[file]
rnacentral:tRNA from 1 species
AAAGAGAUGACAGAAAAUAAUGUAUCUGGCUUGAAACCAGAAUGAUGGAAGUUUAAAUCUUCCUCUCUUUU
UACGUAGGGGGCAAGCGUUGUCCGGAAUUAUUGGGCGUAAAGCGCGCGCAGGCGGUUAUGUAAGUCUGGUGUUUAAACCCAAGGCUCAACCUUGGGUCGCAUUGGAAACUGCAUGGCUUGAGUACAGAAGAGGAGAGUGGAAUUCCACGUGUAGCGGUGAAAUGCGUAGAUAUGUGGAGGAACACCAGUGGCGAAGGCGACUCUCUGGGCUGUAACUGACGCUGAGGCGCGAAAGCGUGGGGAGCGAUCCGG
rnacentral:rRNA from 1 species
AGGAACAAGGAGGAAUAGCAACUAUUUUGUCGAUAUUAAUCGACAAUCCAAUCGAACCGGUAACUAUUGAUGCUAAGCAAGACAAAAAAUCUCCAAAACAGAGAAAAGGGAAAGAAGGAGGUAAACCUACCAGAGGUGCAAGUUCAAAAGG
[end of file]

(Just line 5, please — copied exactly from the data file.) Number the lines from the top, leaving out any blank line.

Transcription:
AGGAACAAGGAGGAAUAGCAACUAUUUUGUCGAUAUUAAUCGACAAUCCAAUCGAACCGGUAACUAUUGAUGCUAAGCAAGACAAAAAAUCUCCAAAACAGAGAAAAGGGAAAGAAGGAGGUAAACCUACCAGAGGUGCAAGUUCAAAAGG